Great post and very entertaining to read all the replies. Personally, I've always loved the witless, stark and haunting nature of this tune. To contrast with other posts, I found 10cc to otherwise be a mediocre and forgettable relic of a rock band. But "I'm not in Love" has stayed with me. I have no idea if there's anything to this (I'm likely projecting), but I always here the beginnings of Cocteau Twins, when I hear it.
posted by psmealey at 6:31 AM on May 13, 2009 [1 favorite]


Taking Sides: I'm Not In Love by 10cc vs. Cry by Godley and Creme.

Nothing will ever defeat Godley & Creme's Sandwiches of You.
posted by shakespeherian at 6:45 AM on May 13, 2009


Maybe Pearl Jam could invite 10cc to be their opening act?

And the Loving Spoonful.
posted by kirkaracha at 7:21 AM on May 13, 2009


Like the song, but always thought it was by Alan Parsons Project. Huh.
posted by Halloween Jack at 7:29 AM on May 13, 2009


"One of the low points in the history of pop. I don't think I've ever listened to it through to the end."

Oh, Faze, it never surprises me when you're absolutely, incontrovertibly wrong about music. Or anything, really.
posted by klangklangston at 7:34 AM on May 13, 2009 [5 favorites]


Taking Sides: I'm Not In Love by 10cc vs. Cry by Godley and Creme.

I'm Not in Love: better story.
Cry: better video.
posted by googly at 7:36 AM on May 13, 2009


It's a good tune, but I prefer the vocoder treatment in Naked Ape's Fashion Freak.
posted by bwg at 8:18 AM on May 13, 2009


"I thought the Classic Tracks series had been posted before, but it looks like I was thinking of this.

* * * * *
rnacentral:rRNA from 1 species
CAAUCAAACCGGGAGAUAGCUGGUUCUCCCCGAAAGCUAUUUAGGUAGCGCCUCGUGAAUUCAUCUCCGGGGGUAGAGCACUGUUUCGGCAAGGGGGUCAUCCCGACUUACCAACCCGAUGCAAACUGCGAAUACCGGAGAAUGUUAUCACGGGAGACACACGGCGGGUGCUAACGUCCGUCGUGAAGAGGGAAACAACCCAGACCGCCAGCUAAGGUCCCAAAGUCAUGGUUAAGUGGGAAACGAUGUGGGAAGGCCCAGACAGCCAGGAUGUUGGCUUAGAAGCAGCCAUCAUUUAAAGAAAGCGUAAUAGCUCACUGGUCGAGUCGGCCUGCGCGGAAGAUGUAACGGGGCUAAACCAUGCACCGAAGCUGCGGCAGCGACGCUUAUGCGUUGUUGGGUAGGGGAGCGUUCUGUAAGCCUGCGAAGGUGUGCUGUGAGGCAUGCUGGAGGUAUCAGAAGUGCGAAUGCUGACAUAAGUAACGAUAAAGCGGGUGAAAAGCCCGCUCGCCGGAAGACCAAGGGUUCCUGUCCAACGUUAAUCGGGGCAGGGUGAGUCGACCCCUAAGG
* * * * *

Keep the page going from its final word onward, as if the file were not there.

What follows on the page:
posted by The Card Cheat at 12:47 AM on May 13 [+] [!] "


Ah, so that's where those vintage favorites came from!
posted by Eideteker at 8:27 AM on May 13, 2009


It's a decent song, really. Well put together. But the neighbor kid filled the woods behind the house with it over & over & over again, so I'll always remember I'm Not In Love as the one that finally & forever turned me off to moaning, mournful love songs.
posted by Forrest Greene at 8:28 AM on May 13, 2009


Love this song. Outrageous Cherry does a really cool cover, too...it's on the Stereo Action Rent Party record.
posted by capnsue at 9:13 AM on May 13, 2009


exogenous: "The process is a bit like a Mellotron."

Well, like a boutique mellotron with a really clumsy keyboard and keys that all stick. :)

Some of you may know this already, and I have no connection to them whatsoever, but I'm a huge fan of Sound on Sound. For starters, ever since I started recording music up to now, that's over a decade of growing knowledge, broadening horizons and narrowing interests (as you limit your interest somewhat to things specifically relevant to you), my joy in reading SoS hasn't changed much overall.

To me, that's a major sign of the magazine's accessibility (and they don't seem to dumb stuff down much, either). I mean, I find useful and entertaining stuff in EQ and Mix et al. plenty fine too, and Tape Op is especially cool because of its DIY angle and the fact that it's free (Europe too guys), but every edition of SoS is like a small bible of sorts. Just consider the page count (even if half of it is ads, alright).

Its major downside is that it's so ungodly expensive: a single issue is close to €10 in Holland! But the eSub options are very affordable, and every article older than six months can be read online for free. And you can buy single articles as PDF for a pound or so, so the business model is quite enlightened.